A second essay, by Larsen and Pasi, ‘Spectres of Art’, is more abstract than Grant and Pasi’s introduction, bringing in references to Theodor Adorno and Jacques Derrida.  The authors make the intriguing point that a romantic view of creativity considers artistic inspiration to be outside norms of rationality, so why was what Houghton and others of that ilk did treated differently, and deemed to be of lesser value?  Unfortunately, to answer the question their essay veers off into a discussion about Nazism and the occult as expressions of irrational elements within capitalism, and the renewed interest in paranormal subjects within the ‘media mainstream’ today both as compensatory consolation for our alienated state and as an expression of countercultural trends which have existed since the 1960s: we live in haunted times, and so on.

Thankfully they eventually move on, noting that what has survived – or been identified – is a tiny fraction of what must have been produced, considering the number of references to be found in the Spiritualist press.  They ask if spirit art has any cultural value outside the confines of the Spiritualist community.  While not true to say it has been ignored entirely by the wider ‘cultural establishment’, they concede that little attention has been paid to it, and apart from examples held by organisations such as the CPS and the Victorian Spiritualists’ Union in Australia, most has been gathered into collections of outsider art.  They consider the concept of outsider art (art brut) to be a useful way to consider spirit art in general.  But as they continue, we know Houghton had had some training as an artist, so while her work may previously have been exhibited in an outsider art context in recent years, the label obfuscates as much as it illuminates.  I would add that to categorise her in outsider terms says more about the art world’s structures and economics than about spirit art’s place in the wider field of artistic creation.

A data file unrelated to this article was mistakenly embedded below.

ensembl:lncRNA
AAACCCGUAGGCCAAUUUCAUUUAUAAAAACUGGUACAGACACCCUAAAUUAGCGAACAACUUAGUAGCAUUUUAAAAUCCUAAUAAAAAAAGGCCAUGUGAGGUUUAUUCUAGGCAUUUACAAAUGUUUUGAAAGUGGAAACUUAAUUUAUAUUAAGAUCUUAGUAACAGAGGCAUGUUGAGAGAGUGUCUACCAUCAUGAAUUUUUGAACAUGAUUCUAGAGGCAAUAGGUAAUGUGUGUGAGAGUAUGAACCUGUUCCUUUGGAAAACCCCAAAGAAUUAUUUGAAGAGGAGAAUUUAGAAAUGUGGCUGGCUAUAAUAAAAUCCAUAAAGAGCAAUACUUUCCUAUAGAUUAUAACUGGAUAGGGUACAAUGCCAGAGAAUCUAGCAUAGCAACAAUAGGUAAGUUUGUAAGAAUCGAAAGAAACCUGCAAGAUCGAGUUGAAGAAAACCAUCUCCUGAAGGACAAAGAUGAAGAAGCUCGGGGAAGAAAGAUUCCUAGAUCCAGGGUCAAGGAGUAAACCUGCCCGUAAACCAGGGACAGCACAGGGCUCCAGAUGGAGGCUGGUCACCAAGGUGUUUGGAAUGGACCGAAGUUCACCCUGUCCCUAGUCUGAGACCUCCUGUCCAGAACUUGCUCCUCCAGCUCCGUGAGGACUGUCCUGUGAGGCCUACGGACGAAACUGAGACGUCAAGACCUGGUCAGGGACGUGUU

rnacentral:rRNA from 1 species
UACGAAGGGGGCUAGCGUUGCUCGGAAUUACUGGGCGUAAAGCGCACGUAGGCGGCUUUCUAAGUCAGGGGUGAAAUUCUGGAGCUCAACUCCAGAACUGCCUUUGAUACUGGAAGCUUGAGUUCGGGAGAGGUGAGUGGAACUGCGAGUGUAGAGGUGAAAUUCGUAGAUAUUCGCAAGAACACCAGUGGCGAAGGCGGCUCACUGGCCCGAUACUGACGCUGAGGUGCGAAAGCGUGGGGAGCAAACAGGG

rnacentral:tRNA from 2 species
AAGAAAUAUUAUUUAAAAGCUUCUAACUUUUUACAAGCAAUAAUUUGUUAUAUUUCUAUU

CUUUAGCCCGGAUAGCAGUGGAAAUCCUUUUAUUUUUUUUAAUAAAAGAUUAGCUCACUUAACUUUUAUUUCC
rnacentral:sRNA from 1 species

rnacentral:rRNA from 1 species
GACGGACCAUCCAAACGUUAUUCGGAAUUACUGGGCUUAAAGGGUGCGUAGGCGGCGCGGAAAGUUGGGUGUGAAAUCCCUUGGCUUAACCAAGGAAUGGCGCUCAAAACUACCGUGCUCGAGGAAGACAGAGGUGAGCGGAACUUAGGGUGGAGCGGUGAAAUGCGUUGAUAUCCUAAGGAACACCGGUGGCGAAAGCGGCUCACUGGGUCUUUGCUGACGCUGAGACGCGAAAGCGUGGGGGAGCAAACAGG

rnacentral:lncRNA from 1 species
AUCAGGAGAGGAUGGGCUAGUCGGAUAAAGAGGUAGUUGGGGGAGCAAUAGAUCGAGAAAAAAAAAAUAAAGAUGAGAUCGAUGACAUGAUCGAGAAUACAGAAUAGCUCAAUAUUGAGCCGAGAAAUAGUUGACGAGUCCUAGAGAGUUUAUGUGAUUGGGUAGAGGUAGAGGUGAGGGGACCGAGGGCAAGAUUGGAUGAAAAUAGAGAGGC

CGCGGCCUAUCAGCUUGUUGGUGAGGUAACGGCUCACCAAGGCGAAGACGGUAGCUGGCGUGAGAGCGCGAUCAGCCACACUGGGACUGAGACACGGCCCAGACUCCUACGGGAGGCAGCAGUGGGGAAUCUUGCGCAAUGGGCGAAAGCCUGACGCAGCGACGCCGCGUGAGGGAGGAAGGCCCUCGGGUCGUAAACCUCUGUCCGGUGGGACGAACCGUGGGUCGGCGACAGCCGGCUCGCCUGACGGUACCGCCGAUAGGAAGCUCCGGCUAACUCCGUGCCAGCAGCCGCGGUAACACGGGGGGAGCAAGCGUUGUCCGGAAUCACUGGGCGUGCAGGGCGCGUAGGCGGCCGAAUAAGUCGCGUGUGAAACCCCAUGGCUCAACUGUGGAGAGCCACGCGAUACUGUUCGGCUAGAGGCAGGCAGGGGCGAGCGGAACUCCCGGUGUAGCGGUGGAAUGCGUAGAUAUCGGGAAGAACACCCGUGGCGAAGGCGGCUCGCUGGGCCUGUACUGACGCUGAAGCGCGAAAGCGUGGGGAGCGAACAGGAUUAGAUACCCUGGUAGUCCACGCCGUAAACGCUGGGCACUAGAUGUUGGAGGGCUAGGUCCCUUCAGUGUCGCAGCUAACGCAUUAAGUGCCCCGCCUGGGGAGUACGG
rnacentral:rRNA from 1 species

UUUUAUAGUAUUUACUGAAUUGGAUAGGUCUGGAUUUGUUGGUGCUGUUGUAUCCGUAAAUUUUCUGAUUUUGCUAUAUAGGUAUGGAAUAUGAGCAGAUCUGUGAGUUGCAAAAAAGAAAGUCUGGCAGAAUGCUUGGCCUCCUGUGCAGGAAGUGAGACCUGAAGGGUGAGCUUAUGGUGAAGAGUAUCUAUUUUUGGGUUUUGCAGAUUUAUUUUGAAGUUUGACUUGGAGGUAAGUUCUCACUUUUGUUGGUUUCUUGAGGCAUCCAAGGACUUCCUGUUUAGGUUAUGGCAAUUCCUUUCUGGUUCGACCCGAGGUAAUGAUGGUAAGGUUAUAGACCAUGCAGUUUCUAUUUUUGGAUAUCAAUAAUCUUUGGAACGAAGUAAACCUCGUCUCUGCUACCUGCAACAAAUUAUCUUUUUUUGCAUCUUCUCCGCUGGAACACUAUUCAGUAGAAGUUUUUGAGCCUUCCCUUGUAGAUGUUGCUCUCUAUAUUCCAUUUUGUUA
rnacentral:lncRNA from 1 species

It also means that Houghton’s productions have been largely pigeon-holed (but her motivation ignored).by the art world as examples of abstraction, or as eccentric products by a middle-aged spinster disengaged from the real world in a delusional pastime, rather than the sincere expression of her spiritual values.  In terms of both categories, Larsen and Pasi compare Houghton with Hilma af Klimt, herself the subject of recent interest, but find the notion of ‘anticipation of abstraction’ to be problematic, both because it implies an outdated idea of a steady progression of artistic development, and also because abstract artists such as Kandinsky theorised their practice in a way Houghton and Klimt did not.  However, for Houghton her drawings were not abstract but neither were they untheorised; they were concrete realisations of the spirit world as she tried to find expression for what is ineffable.  Contemporary artists may tip the hat to people like Houghton and Klimt and draw on (or plunder if you prefer) Spiritualism in their own work, but they do it from the outside, which may allow them to repurpose the form, but to use it to address aspects of this world, not as a link between this world and the next.